In an ideal situation, all of that data should be within whatever digital system the HR department uses to do their work. That should make exporting, manipulating, and validating that data a trivial exercise and allow for the creation of individual user accounts for each worker. The process should also form the basis for ongoing data sharing between the business’s HR staff and its IT staff to track changes to the workforce.

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2. Define Identities

The next thing to do is choose an identity and access management platform to serve as the central point of user management. This critical step reduces the complexity of ongoing user management. With the right system in place, user access and provisioning happen through a single interface. This eliminates duplicative work and increases efficiency.

It also makes user automation possible. Most IAM platforms can automate user creation with pre-defined rights sets. That helps maintain proper access controls and reduces the chance of overprovisioning. It also makes removing users easier when necessary. That means less chance of unused credentials lingering to create trouble.

3. Manage Roles

With users defined and managed, the next step is to assign rights to users. This may be done on an individual basis or at the group level. By defining user roles, business data owners gain visibility into users’ access rights to that data. That serves as a second check against overprovisioning. When stakeholders see and can control access to the data they’re responsible for, there’s less chance of errors.

Defined user roles also make ongoing management easier. Managers can assign new rights by adding users to a role and remove those rights by taking that role away. Otherwise, they’d have to manage rights sets on a per-user basis. And in an environment that includes multiple business systems with separate management interfaces, that’s never an easy task.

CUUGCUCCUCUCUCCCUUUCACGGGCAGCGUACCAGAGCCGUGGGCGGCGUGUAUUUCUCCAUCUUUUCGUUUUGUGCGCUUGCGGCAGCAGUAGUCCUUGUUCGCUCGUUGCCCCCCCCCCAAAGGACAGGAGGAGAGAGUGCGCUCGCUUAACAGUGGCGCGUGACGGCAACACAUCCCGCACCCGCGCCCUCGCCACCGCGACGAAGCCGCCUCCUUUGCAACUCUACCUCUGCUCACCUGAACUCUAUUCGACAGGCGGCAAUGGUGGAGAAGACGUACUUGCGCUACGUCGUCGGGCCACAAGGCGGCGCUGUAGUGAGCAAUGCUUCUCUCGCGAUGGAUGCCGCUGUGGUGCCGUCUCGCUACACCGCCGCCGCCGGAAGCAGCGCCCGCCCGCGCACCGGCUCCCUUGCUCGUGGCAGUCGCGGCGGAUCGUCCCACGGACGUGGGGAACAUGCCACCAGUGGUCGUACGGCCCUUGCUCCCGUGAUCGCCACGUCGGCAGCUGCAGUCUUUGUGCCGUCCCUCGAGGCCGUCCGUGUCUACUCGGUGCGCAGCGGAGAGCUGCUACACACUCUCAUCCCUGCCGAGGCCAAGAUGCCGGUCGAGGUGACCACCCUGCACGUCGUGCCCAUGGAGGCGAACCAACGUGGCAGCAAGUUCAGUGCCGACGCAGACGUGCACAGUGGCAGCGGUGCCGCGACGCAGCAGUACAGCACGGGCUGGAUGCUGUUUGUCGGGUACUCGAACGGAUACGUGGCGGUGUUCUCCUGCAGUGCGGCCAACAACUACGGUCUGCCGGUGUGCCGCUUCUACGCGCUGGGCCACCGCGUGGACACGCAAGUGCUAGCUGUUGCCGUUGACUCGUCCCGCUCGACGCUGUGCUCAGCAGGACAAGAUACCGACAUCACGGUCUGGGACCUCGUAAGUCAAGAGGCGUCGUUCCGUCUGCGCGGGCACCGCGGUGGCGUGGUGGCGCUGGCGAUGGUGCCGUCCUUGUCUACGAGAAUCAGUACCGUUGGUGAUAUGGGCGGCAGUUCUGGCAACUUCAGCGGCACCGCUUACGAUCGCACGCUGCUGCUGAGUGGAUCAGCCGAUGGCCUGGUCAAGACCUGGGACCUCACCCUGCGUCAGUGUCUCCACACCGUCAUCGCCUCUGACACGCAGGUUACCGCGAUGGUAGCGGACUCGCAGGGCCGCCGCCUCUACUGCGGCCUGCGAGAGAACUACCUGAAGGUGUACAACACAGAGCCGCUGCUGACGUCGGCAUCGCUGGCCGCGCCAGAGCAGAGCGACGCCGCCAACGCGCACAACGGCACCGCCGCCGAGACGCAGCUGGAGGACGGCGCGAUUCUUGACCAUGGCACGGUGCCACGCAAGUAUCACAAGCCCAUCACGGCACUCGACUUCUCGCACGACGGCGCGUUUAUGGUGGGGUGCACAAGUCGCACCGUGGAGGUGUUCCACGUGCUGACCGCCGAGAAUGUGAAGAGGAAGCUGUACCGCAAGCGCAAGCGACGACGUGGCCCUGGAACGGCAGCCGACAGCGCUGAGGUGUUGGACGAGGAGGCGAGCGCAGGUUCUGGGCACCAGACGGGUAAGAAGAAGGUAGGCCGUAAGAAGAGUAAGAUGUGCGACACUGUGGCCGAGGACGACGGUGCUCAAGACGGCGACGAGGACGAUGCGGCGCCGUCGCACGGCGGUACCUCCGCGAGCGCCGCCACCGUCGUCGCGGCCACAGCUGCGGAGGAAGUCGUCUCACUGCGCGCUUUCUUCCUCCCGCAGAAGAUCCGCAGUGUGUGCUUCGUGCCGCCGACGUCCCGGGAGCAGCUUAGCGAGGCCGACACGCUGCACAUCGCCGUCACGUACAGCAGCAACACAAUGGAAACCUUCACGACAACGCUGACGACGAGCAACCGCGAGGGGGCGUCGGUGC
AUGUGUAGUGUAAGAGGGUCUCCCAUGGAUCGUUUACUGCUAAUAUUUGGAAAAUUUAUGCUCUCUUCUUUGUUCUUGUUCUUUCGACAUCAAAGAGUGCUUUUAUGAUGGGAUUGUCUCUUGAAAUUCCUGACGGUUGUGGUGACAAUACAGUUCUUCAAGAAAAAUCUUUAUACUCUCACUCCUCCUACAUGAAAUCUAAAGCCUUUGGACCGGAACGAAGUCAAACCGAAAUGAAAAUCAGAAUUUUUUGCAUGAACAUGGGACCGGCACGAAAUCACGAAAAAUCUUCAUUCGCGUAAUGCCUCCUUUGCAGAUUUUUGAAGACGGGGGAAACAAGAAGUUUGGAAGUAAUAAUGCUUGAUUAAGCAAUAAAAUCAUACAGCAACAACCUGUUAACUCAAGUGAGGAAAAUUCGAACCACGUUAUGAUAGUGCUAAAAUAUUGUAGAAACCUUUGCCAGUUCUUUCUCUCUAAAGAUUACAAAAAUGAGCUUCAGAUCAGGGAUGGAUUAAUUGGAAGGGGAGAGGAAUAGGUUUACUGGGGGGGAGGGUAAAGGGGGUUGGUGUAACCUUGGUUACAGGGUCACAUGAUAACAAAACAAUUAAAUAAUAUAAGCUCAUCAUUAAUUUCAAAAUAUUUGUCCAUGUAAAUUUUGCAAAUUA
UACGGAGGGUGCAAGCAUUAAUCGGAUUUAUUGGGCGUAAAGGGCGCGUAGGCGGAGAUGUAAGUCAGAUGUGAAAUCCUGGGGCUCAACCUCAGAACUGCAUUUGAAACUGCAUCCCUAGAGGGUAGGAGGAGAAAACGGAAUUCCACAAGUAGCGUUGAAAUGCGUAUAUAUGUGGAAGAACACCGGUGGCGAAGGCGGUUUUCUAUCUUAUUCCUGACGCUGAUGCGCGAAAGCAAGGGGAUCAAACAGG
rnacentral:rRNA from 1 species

4. Implement a Workflow

Because business needs change, user access rights do too. And managing that change is a key to maintaining data security. It means granting new access where needed and removing it when necessary. And the only way to do it well is to create a workflow to manage it.

The best way to do this is via a self-service model through a single interface. That way, users have one place to request access, and data owners respond there as well. It also removes the business’s IT staff from the process. Their only role is to maintain the interface itself rather than playing middleman between users and data owners.

5. Automate Provisioning

One of the most time-consuming parts of the IAM workflow is the provisioning of users. In a manual process, creating a new user may involve setting up multiple accounts on separate services and platforms. And each manual account creation carries the risk of a costly mistake. That should make automation a high priority.

With the right identity and access management system in place, it’s possible to automate the whole user provisioning process. With a single click, managers can create users with all the right access rights. And they can alter or remove them just as easily. This removes the element of chance from the process and makes it more efficient, too.